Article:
Decision

The tribunal held that the exemption applied.

In the absence of any definition of insurance broker or agent in the Directive or UK VAT legislation, the tribunal turned to the definition of "insurance mediation" in the Insurance Mediation Directive 2002/92, which specifically includes activities of "introducing, proposing or carrying out other work preparatory to the conclusion of contracts of insurance…".

UK VAT legislation includes "bringing together" in the definition of the services of an insurance intermediary, but there is no simultaneous requirement for the introducing to be preparatory to the conclusion of the contact, as the Directive seems to suggest. In this sense, the tribunal thought the domestic legislation was broader.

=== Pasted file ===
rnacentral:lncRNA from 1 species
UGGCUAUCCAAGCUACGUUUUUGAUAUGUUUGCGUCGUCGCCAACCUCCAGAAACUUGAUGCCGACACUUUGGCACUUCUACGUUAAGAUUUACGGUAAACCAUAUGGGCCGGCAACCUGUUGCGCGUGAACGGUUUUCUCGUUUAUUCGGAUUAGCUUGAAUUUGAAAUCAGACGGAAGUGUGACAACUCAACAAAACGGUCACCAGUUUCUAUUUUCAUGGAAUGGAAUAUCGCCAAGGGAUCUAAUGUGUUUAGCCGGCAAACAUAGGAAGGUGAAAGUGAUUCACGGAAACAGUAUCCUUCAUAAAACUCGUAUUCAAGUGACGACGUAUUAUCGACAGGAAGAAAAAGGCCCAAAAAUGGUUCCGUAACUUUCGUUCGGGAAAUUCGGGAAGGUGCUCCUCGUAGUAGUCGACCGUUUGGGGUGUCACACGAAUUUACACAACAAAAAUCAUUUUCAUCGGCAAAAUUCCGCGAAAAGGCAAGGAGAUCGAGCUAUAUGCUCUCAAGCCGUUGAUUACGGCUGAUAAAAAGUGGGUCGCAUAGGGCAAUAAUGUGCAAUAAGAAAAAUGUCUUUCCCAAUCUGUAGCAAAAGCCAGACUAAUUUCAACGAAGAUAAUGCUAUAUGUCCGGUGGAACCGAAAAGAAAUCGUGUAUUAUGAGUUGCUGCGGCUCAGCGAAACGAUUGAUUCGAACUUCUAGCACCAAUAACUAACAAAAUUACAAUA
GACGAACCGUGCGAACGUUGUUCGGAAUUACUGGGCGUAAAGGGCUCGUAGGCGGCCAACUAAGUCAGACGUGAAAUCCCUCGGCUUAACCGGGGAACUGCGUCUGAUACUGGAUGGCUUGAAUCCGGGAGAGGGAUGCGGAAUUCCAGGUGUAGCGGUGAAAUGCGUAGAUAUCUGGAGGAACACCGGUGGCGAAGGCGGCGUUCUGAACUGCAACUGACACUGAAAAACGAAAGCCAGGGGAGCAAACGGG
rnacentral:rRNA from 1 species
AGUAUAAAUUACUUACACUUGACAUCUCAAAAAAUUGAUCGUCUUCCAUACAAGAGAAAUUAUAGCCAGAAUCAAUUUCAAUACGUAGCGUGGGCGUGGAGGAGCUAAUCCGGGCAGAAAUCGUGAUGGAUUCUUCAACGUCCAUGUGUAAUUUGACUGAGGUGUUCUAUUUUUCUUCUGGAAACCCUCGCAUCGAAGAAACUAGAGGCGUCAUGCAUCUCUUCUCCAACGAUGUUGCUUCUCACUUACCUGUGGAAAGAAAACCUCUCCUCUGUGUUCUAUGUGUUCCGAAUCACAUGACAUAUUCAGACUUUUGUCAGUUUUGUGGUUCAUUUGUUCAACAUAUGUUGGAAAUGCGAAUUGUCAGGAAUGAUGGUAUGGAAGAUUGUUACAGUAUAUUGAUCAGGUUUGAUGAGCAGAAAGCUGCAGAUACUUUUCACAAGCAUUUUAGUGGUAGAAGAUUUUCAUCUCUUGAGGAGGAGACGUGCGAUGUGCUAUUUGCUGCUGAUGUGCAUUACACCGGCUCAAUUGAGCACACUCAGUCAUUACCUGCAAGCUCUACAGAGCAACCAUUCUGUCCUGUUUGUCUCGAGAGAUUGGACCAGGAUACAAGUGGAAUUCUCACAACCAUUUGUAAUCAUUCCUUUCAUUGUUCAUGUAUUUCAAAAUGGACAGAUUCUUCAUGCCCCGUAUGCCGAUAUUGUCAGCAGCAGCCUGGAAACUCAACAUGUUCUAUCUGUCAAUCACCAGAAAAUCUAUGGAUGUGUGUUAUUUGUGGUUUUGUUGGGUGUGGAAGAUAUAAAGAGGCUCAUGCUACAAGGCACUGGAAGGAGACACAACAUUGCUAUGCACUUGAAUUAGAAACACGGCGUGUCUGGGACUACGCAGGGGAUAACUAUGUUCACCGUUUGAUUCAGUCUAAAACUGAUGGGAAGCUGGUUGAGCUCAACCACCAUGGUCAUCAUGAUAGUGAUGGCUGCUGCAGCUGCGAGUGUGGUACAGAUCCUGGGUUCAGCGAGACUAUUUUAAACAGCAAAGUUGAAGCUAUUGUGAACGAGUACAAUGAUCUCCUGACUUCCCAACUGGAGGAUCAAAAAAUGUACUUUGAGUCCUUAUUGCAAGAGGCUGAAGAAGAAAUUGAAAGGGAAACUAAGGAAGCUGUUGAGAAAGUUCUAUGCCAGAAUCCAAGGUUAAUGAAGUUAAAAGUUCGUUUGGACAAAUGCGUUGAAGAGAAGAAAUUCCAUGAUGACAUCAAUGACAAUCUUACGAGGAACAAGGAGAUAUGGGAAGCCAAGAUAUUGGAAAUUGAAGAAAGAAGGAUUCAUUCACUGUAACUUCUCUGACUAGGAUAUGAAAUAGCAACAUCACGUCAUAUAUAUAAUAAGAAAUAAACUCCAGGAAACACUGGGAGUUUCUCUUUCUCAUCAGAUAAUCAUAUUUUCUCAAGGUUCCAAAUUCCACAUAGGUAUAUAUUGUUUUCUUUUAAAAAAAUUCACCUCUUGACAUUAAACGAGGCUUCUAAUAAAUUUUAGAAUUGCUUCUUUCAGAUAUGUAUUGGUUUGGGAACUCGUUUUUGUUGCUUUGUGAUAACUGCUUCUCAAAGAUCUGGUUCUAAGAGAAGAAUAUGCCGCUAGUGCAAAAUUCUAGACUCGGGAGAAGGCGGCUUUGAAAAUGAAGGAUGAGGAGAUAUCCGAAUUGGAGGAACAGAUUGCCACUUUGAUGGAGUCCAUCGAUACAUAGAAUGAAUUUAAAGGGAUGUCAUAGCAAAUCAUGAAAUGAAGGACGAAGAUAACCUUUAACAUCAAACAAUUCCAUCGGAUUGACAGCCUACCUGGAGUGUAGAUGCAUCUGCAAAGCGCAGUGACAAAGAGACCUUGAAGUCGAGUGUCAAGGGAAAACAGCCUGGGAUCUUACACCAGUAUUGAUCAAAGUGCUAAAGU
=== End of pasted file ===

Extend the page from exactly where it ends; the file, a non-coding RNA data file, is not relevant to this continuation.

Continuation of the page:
HMRC guidance on the exemption emphasises that brokers and agents are defined in terms of what they do rather than what they are, and that the exemption does not only apply to professional brokers but also to other intermediaries making supplies of "related services". 

Trader Media was providing intermediary services by bringing together parties with a view to taking insurance and, by virtue of providing such services, was an insurance agent or broker. As introducer, it was the first link in a chain of activities that ended with the conclusion of the contract of insurance.

It was not necessary for an intermediary to be authorised under FSMA to qualify for the VAT exemption. Nor did the intermediary need to have the power to bind the insurer or act for the proposer. The act of introducing or bringing together was sufficient to satisfy the legal requirement to be an intermediary.